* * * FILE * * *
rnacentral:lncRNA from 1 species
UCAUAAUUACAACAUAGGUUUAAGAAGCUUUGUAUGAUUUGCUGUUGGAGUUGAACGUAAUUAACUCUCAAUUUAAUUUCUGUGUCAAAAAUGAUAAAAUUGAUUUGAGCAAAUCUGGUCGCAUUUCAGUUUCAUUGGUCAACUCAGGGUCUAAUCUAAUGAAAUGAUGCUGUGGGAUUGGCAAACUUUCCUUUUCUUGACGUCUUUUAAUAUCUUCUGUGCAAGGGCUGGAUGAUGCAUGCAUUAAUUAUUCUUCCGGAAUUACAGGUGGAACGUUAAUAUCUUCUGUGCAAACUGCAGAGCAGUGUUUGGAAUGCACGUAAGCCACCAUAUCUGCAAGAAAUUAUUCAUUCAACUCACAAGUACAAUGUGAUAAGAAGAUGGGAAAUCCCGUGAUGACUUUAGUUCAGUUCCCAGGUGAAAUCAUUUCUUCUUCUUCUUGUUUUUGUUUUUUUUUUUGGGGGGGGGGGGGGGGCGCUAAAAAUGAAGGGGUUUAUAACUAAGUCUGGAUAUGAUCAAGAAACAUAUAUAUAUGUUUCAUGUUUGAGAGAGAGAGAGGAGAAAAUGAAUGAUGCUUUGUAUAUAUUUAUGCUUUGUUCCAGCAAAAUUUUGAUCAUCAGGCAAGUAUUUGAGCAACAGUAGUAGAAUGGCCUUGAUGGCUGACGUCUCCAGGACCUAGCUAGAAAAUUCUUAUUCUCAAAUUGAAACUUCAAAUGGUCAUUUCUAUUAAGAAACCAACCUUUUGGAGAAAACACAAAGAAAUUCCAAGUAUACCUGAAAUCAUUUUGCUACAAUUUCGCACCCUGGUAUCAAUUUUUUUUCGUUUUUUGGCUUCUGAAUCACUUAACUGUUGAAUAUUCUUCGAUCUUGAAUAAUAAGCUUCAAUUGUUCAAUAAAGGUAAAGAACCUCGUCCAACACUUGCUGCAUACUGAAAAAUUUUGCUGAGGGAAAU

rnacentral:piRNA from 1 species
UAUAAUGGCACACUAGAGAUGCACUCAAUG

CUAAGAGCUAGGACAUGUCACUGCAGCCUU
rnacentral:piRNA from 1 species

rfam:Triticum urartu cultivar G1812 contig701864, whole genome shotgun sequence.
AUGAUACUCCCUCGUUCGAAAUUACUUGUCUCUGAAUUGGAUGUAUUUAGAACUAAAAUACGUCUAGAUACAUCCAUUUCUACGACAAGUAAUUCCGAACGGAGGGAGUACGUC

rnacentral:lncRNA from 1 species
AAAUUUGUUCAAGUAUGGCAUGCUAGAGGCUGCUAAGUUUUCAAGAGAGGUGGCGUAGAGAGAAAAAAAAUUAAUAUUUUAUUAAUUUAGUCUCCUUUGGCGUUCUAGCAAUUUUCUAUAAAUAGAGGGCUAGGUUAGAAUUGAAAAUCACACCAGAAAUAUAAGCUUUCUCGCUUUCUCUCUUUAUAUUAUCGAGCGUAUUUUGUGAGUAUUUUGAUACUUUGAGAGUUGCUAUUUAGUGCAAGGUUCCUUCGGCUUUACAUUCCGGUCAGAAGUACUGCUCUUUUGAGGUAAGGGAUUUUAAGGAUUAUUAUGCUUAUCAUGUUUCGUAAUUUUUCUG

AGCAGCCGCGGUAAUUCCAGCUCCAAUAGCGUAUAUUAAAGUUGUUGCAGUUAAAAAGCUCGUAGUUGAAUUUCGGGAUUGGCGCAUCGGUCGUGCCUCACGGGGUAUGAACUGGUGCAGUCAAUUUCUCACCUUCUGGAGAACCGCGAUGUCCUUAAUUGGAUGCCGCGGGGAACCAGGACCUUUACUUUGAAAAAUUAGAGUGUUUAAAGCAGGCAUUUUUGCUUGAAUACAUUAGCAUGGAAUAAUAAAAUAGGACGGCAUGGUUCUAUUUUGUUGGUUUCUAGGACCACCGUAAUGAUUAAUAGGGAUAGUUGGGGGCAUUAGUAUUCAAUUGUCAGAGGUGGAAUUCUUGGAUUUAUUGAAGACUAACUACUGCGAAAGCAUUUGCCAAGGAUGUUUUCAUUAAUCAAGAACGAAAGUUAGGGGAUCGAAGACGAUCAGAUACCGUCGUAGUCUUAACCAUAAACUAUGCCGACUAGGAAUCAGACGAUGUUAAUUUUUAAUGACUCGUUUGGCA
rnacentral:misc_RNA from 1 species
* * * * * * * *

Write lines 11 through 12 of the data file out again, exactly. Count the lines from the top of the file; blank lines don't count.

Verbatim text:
AGCAGCCGCGGUAAUUCCAGCUCCAAUAGCGUAUAUUAAAGUUGUUGCAGUUAAAAAGCUCGUAGUUGAAUUUCGGGAUUGGCGCAUCGGUCGUGCCUCACGGGGUAUGAACUGGUGCAGUCAAUUUCUCACCUUCUGGAGAACCGCGAUGUCCUUAAUUGGAUGCCGCGGGGAACCAGGACCUUUACUUUGAAAAAUUAGAGUGUUUAAAGCAGGCAUUUUUGCUUGAAUACAUUAGCAUGGAAUAAUAAAAUAGGACGGCAUGGUUCUAUUUUGUUGGUUUCUAGGACCACCGUAAUGAUUAAUAGGGAUAGUUGGGGGCAUUAGUAUUCAAUUGUCAGAGGUGGAAUUCUUGGAUUUAUUGAAGACUAACUACUGCGAAAGCAUUUGCCAAGGAUGUUUUCAUUAAUCAAGAACGAAAGUUAGGGGAUCGAAGACGAUCAGAUACCGUCGUAGUCUUAACCAUAAACUAUGCCGACUAGGAAUCAGACGAUGUUAAUUUUUAAUGACUCGUUUGGCA
rnacentral:misc_RNA from 1 species